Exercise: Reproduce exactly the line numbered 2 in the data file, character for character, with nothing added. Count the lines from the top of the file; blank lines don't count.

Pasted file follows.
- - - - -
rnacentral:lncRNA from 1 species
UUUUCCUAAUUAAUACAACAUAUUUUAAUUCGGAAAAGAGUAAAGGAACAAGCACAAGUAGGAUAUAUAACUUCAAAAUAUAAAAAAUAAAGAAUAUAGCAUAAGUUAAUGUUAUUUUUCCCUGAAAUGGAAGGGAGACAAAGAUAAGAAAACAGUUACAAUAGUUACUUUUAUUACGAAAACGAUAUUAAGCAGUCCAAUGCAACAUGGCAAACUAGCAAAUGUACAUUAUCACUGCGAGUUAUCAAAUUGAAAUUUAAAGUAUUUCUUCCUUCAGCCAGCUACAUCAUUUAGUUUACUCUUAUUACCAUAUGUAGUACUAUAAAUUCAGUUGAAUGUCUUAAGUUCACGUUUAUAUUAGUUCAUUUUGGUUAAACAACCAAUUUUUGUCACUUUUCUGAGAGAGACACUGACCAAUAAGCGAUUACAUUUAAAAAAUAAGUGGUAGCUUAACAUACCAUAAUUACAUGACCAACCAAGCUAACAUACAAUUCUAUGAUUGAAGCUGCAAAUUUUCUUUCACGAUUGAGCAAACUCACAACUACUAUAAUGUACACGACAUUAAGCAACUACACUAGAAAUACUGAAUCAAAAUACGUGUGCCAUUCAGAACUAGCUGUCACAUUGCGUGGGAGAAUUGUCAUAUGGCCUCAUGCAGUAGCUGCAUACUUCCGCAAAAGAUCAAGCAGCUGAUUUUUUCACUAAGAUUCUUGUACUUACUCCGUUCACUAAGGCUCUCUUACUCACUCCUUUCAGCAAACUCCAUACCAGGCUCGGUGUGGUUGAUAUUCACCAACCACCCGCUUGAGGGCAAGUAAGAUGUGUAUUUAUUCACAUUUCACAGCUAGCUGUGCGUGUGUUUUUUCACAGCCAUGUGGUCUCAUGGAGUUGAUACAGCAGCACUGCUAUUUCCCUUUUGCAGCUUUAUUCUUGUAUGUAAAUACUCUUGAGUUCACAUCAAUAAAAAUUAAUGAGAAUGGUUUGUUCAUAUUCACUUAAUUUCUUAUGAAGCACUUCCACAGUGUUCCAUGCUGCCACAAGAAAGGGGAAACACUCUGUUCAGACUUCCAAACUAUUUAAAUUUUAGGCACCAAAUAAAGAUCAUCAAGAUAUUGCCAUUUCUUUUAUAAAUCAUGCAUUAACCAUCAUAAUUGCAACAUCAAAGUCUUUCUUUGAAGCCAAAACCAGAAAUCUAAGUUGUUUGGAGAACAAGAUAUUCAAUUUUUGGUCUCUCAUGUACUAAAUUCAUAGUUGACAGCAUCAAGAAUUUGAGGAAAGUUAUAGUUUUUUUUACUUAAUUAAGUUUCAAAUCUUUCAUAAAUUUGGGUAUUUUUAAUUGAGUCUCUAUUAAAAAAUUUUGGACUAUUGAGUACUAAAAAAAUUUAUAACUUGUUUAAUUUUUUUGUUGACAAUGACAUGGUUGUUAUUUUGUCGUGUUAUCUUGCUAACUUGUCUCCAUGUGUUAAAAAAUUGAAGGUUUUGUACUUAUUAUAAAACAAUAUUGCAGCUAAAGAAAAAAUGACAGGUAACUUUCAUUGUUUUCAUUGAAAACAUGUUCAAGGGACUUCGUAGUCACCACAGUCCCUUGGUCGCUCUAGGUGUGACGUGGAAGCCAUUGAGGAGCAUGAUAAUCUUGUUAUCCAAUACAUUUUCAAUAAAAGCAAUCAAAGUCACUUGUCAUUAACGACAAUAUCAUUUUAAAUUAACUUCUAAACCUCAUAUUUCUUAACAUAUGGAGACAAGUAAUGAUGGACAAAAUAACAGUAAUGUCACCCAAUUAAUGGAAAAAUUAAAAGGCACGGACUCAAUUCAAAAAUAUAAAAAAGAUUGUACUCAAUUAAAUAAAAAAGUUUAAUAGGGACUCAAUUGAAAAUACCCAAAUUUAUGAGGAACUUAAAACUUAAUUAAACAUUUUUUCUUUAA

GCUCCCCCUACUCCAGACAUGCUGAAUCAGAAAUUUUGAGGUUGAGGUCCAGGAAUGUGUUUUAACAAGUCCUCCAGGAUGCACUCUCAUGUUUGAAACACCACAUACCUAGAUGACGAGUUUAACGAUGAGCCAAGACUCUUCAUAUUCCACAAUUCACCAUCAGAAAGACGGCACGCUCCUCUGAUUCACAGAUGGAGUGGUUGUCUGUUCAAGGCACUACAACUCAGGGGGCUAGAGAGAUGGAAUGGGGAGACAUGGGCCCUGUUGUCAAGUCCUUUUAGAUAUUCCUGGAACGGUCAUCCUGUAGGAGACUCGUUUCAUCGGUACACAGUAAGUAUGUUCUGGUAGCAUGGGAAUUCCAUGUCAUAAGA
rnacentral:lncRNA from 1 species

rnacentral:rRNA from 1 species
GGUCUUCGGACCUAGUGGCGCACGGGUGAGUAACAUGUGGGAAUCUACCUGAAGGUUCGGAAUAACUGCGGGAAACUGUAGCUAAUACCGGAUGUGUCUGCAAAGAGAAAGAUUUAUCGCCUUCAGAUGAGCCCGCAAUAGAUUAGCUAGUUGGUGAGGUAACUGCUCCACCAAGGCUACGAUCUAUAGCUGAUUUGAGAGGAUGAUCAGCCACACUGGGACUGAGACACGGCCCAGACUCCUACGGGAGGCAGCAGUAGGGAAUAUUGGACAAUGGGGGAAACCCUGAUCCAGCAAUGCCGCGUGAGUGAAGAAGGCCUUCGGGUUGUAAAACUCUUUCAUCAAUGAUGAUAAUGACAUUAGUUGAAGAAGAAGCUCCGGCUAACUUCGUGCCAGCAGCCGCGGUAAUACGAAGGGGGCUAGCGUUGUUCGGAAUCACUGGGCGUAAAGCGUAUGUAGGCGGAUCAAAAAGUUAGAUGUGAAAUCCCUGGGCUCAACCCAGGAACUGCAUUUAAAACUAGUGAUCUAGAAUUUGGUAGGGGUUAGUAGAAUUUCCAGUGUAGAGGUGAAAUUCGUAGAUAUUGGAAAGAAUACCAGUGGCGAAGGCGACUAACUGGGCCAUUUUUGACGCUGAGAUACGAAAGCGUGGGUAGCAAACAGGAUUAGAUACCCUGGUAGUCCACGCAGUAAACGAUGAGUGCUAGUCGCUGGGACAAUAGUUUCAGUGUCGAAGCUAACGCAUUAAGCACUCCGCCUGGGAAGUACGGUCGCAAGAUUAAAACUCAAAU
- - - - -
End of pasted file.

UUUUCCUAAUUAAUACAACAUAUUUUAAUUCGGAAAAGAGUAAAGGAACAAGCACAAGUAGGAUAUAUAACUUCAAAAUAUAAAAAAUAAAGAAUAUAGCAUAAGUUAAUGUUAUUUUUCCCUGAAAUGGAAGGGAGACAAAGAUAAGAAAACAGUUACAAUAGUUACUUUUAUUACGAAAACGAUAUUAAGCAGUCCAAUGCAACAUGGCAAACUAGCAAAUGUACAUUAUCACUGCGAGUUAUCAAAUUGAAAUUUAAAGUAUUUCUUCCUUCAGCCAGCUACAUCAUUUAGUUUACUCUUAUUACCAUAUGUAGUACUAUAAAUUCAGUUGAAUGUCUUAAGUUCACGUUUAUAUUAGUUCAUUUUGGUUAAACAACCAAUUUUUGUCACUUUUCUGAGAGAGACACUGACCAAUAAGCGAUUACAUUUAAAAAAUAAGUGGUAGCUUAACAUACCAUAAUUACAUGACCAACCAAGCUAACAUACAAUUCUAUGAUUGAAGCUGCAAAUUUUCUUUCACGAUUGAGCAAACUCACAACUACUAUAAUGUACACGACAUUAAGCAACUACACUAGAAAUACUGAAUCAAAAUACGUGUGCCAUUCAGAACUAGCUGUCACAUUGCGUGGGAGAAUUGUCAUAUGGCCUCAUGCAGUAGCUGCAUACUUCCGCAAAAGAUCAAGCAGCUGAUUUUUUCACUAAGAUUCUUGUACUUACUCCGUUCACUAAGGCUCUCUUACUCACUCCUUUCAGCAAACUCCAUACCAGGCUCGGUGUGGUUGAUAUUCACCAACCACCCGCUUGAGGGCAAGUAAGAUGUGUAUUUAUUCACAUUUCACAGCUAGCUGUGCGUGUGUUUUUUCACAGCCAUGUGGUCUCAUGGAGUUGAUACAGCAGCACUGCUAUUUCCCUUUUGCAGCUUUAUUCUUGUAUGUAAAUACUCUUGAGUUCACAUCAAUAAAAAUUAAUGAGAAUGGUUUGUUCAUAUUCACUUAAUUUCUUAUGAAGCACUUCCACAGUGUUCCAUGCUGCCACAAGAAAGGGGAAACACUCUGUUCAGACUUCCAAACUAUUUAAAUUUUAGGCACCAAAUAAAGAUCAUCAAGAUAUUGCCAUUUCUUUUAUAAAUCAUGCAUUAACCAUCAUAAUUGCAACAUCAAAGUCUUUCUUUGAAGCCAAAACCAGAAAUCUAAGUUGUUUGGAGAACAAGAUAUUCAAUUUUUGGUCUCUCAUGUACUAAAUUCAUAGUUGACAGCAUCAAGAAUUUGAGGAAAGUUAUAGUUUUUUUUACUUAAUUAAGUUUCAAAUCUUUCAUAAAUUUGGGUAUUUUUAAUUGAGUCUCUAUUAAAAAAUUUUGGACUAUUGAGUACUAAAAAAAUUUAUAACUUGUUUAAUUUUUUUGUUGACAAUGACAUGGUUGUUAUUUUGUCGUGUUAUCUUGCUAACUUGUCUCCAUGUGUUAAAAAAUUGAAGGUUUUGUACUUAUUAUAAAACAAUAUUGCAGCUAAAGAAAAAAUGACAGGUAACUUUCAUUGUUUUCAUUGAAAACAUGUUCAAGGGACUUCGUAGUCACCACAGUCCCUUGGUCGCUCUAGGUGUGACGUGGAAGCCAUUGAGGAGCAUGAUAAUCUUGUUAUCCAAUACAUUUUCAAUAAAAGCAAUCAAAGUCACUUGUCAUUAACGACAAUAUCAUUUUAAAUUAACUUCUAAACCUCAUAUUUCUUAACAUAUGGAGACAAGUAAUGAUGGACAAAAUAACAGUAAUGUCACCCAAUUAAUGGAAAAAUUAAAAGGCACGGACUCAAUUCAAAAAUAUAAAAAAGAUUGUACUCAAUUAAAUAAAAAAGUUUAAUAGGGACUCAAUUGAAAAUACCCAAAUUUAUGAGGAACUUAAAACUUAAUUAAACAUUUUUUCUUUAA